When the Guthrie Theater
in Minneapolis, MN was gearing up to move into its new, Jean Nouvel-designed building earlier this year, the directors realized that the new space afforded greater educational opportunities than ever before.
"Like many theaters, we have a long tradition of educational programs," explains Beth Burns, director of the Guthrie Learning Center at the Guthrie Theater. "As were we preparing to move into our new building, one of the things we kept coming back to was how much cross over there was between theater skills and skills necessary in business. Good performance is good performance."
Rather than just react to the occasional request from the corporate community, Burns and the rest of the theater staff created the "Art of Business" program
. The "Art of Business" is a set of performance-art-based educational sessions designed to enable executive participants to be better communicators.
Programming falls into two categories. The first is continuing legal education, which the Guthrie is certified by the state to offer and focuses on ethics-based programs using scripted plays as well as performance-based courtroom skills. The other is performance for the corporate stage, which looks at how people present themselves.
Topics include: "Telling the Whole Truth: Theater Strategy for Attorneys," "Ethics—Edgardo Mine and Issues of Personal Faith," "The Art of Persuasion,” and "Think on the Spot." "It's business skill development in a new and fun way," says Burns.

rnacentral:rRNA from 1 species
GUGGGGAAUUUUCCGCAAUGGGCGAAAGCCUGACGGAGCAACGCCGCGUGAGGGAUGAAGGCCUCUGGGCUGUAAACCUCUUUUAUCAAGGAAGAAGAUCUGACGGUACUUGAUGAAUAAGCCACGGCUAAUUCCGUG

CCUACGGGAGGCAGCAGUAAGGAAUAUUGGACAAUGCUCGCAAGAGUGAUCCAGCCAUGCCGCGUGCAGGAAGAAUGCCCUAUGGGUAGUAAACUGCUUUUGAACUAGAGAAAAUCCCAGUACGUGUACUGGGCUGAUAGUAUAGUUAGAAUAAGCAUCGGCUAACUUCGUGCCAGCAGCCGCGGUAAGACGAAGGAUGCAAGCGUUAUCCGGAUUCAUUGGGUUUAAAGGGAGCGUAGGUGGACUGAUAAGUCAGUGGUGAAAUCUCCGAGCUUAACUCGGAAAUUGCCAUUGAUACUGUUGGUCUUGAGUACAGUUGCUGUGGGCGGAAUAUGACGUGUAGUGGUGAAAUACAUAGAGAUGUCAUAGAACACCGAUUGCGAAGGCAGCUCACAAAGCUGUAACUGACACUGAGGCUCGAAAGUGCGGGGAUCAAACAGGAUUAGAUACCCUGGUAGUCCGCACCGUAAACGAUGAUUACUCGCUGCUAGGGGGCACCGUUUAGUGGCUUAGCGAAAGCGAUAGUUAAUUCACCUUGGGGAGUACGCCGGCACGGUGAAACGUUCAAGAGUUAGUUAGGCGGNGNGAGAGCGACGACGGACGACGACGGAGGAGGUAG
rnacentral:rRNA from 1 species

In addition to established seminars, the Guthrie will develop customized programs. Burns says that she has received numerous calls along the lines of, " 'The Art of Persuasion' sounds really interesting; can you do it for 13 of my general counsel next Wednesday?," which led to the development of customized sessions.
"We will to go a group as well. Even though coming to the Guthrie is really exciting, we absolutely understand that business is business and efficiency might override the excitement of the Guthrie," she continues.
Students have varied widely, according to Burns, who says previous participants have ranged from 125 CPAs to hotel front-line staff—"It's really all over the place." Burns mentioned that the "Art of Business" is particularly well suited for advertising agencies where she says that "account executives creative directors are really recognizing that the skill set they have to create products may be obstructed if the presentation to the client is not spectacular."
Typically seminars are three-hour, one-time workshops, though a few last a full day.
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